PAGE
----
The Loss of a Teardrop Diamond (2010)


   

Our Rating: 3 out of 5

Rated: PG13

 

Reviewer: Charity Bishop

 

This is one in several adaptations of Tennessee Williams' plays that I have seen and I must admit, I don't care for any of them.

 

Ever since a disastrous mistake made by her father that ended up in the deaths of multiple people, Fisher (Bryce Dallas Howard) has struggled to regain her position in society. Brushing off the slander and sidelong glances of her peers, she makes up for her insecurities by insulting and shocking everyone she meets. The only person who understands her and whom she really likes is Jimmy (Chris Evans), and she discerns the best way to keep him in her life is to hire him to escort her to all the social events of the season. Befitting him with a tux and other luxuries, she cannot compete with his own remorse over the alcoholism of his father and his mother's insanity. Persuading her great aunt (Ann-Margaret) to lend her a pair of $5,000 earrings, Fisher hopes to make a good impression at a friend's Halloween party, but what starts out as a lovely evening turns disastrous as one of the earrings goes missing.

 

If there is one thing to be said about this movie, it is beautiful to watch and full of equally gorgeous performances, particularly from Bryce, who seems to be channeling her inner Vivien Leigh, right down to the Southern drawl and her mannerisms. She does not have the most empathetic character to work with either, so the fact that we care about her is a testament to her depiction of a spoiled, insufferable, but insecure brat. Mamie Gummer plays her best friend Julie, and Jessica Collins is Vinnie, her rival for Jimmy's affections -- if you can call it that, since he's always liked Vinnie best. I must say however that the real joy here, apart from Bryce, is Ann-Margaret, who lights up the screen in spite of barely being on it. There's also a moving but sad portrayal from Ellen Burstyn of a woman craving the end of her life. The story is unusual in the sense that it has an open, ambiguous ending that is rather unsatisfying and doesn't really seem to have a purpose other than revolving around one particular incident and evening in all their lives (the loss of the earring). The characterization is quite good but a general lack of morals makes it hard to recommend, or to like most of the main characters. It also deals with the theme of assisted suicide, which some might find disquieting.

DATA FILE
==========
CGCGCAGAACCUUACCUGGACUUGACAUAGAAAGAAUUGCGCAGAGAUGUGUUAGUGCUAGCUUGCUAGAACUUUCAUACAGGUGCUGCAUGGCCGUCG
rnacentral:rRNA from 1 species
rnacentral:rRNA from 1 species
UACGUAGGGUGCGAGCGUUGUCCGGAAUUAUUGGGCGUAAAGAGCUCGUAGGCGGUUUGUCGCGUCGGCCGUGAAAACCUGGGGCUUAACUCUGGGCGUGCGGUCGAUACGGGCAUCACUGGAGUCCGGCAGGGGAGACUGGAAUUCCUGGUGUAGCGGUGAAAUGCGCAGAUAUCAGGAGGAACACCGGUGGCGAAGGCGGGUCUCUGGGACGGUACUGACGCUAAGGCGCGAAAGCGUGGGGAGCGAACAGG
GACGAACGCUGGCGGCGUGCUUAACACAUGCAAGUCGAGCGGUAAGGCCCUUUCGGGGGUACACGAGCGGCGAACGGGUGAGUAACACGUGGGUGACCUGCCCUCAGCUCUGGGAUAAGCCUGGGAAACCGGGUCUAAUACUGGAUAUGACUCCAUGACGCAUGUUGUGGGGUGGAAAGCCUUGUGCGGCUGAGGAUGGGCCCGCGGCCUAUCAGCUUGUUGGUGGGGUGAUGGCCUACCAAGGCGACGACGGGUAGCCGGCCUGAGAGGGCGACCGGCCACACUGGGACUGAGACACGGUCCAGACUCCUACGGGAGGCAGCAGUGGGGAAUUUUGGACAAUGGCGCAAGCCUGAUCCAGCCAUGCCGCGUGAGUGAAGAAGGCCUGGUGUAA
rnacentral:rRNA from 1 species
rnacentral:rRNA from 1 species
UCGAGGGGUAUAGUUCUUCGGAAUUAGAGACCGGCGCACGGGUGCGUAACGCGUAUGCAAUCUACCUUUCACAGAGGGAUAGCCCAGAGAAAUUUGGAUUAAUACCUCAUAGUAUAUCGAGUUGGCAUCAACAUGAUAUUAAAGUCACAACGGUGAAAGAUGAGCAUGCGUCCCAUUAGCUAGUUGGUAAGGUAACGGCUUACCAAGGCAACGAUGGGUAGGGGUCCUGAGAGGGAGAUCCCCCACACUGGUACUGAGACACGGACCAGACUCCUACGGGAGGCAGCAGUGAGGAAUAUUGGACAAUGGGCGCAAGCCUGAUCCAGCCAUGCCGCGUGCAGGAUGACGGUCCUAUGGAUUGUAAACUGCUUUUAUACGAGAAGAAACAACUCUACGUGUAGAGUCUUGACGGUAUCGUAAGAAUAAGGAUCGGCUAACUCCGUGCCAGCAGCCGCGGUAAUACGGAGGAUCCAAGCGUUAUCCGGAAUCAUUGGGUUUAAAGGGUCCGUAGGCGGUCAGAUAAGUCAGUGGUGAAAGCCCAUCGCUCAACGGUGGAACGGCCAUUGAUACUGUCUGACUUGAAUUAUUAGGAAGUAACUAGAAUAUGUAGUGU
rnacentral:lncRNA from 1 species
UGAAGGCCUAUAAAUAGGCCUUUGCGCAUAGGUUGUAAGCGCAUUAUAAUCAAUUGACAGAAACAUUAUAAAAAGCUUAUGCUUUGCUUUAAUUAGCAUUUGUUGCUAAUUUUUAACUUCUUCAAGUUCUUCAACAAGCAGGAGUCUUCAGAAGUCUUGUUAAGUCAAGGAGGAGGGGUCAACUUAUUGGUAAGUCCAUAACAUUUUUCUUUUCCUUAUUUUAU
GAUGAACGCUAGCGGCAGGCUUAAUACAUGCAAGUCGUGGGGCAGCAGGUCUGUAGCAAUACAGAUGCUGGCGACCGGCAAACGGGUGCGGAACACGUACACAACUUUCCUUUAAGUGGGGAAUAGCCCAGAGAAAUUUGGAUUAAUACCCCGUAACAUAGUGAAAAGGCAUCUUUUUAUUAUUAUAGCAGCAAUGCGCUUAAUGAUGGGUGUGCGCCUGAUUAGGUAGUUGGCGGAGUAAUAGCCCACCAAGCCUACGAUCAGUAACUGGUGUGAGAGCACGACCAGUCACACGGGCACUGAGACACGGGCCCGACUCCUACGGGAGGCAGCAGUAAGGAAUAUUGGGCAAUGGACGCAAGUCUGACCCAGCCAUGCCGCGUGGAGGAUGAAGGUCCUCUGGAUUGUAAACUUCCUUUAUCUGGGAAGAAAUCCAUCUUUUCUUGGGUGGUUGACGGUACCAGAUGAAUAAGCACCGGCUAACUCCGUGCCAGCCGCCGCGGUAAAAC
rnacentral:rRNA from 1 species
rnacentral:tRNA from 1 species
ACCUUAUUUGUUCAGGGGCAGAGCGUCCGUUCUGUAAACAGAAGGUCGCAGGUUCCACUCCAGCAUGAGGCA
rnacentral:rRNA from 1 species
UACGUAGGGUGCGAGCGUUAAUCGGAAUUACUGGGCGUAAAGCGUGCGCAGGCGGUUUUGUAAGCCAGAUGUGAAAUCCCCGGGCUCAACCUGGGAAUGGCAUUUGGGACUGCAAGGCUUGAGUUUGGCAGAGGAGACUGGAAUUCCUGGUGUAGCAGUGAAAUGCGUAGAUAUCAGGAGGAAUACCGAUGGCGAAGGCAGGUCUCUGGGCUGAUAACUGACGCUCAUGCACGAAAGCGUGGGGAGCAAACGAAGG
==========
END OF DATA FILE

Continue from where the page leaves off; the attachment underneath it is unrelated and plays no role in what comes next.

Content-wise, there are four or five harsh abuses of deity (at least one of GD, and several of Jesus' name) and a handful of mild profanities. Fisher leaves her aunt and her aunt's solicitor home alone for the evening and playfully suggests that they "consummate their relationship." Jimmy mentions to his father that he is thinking about becoming "intimate" with Fisher, in the hope that it will lead to marriage and financial stability. A boy puts his hand on Fisher's breast and is thrown off for it. A kissing game at the party becomes more as Jimmy and Vivien take it further in the backseat of a parked car; we see a lot of passionate kissing and him between her legs; later, she mentions him causing her to lose her breath. There is some drinking and cruel remarks from party guests. A woman asks someone to help her take an entire bottle of pills. Fisher drinks something from a medicine cabinet with opium in it, and is sluggish and drugged as a result. Mild violence transpires.

 

There really is not a point to this film and it lacks any kind of a coherent conclusion that leaves the audience to assumptions that are not always pleasant; it does encourage the swallowing of pride and honesty about what happened to the diamond, but why root for the main characters to be together at all? Jimmy is only interested in her for her money, which will make for a miserable marriage. It is art in a traditional sense because the lighting in particular is wonderful, using mood enhancers to get across her sense of alienation or emotional vulnerability. It's a visually appealing film. I just wish it was not so empty.